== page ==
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Enrico Fermi

Italian physicist

Enrico Fermi (September 29, 1901 — November 28, 1954) was an Italian-American physicist who worked on the first nuclear reactor and helped make quantum theory. He also was important to particle physics, and statistical mechanics. Fermi won the Nobel Prize in Physics in 1938 for his work on induced radioactivity. He built the world's first nuclear reactor. Fermi was one of the greatest scientists of the 20th century.[1]

Enrico Fermi
Enrico Fermi 1943-49.jpg
Enrico Fermi in 1940s
Born (1901-09-29)September 29, 1901
Rome, Italy
Died November 28, 1954(1954-11-28) (aged 53)
Chicago, Illinois, USA
Nationality Italian-American
Occupation physicist
Known for Nobel Prize in Physics, 1938

Early lifeEdit

Fermi was born in Rome and went to a local grammar school. He was very good at maths and science and won a prize from Scuola Normale Superiore of Pisa.[2] He went to the University of Pisa where he studied physics. In 1923 he was given a scholarship from the Italian government and went to Göttingen for more study. He was given a Rockefeller scholarship in 1924 and studied in Leyden. He came back to Italy at the end of 1924 and became Lecturer in Mathematical Physics and Mechanics at the University of Florence.[2]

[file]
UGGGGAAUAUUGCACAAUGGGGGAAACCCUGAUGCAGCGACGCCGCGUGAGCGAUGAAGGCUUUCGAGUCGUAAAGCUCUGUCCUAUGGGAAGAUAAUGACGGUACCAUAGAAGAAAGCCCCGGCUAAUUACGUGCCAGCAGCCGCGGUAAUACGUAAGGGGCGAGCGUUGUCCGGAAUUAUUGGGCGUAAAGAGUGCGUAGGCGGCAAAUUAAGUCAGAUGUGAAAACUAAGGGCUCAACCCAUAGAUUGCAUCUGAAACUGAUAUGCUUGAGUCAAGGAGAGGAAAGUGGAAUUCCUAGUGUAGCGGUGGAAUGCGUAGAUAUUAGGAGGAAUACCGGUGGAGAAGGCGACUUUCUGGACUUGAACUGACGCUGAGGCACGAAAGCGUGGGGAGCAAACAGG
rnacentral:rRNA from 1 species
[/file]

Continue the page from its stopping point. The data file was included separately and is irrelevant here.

Scientist in ItalyEdit

In 1926, Fermi discovered the statistical laws, now called Fermi statistics.[2] These laws explain the actions of the particles which are subject to the Pauli exclusion principle, which are now called fermions. These are different to the particles called bosons which are explained by Bose-Einstein statistics. In 1927 he became Professor of Theoretical Physics at the University of Rome.[2] He spent time studying electrodynamics, and began to closely look at the atomic nucleus. In 1934, using discoveries made by Wolfgang Pauli, Frédéric Joliot, Irène Joliot-Curie, he was able to show changes in almost every element bombarded with neutrons.[2] This led to the discovery of slow neutrons, nuclear fission and making elements that were not in the Periodic Table.

Fermi expressed his concerns about the dangers of nuclear energy at one of the meetings of the University of Chicago before the end of the WWII.[3]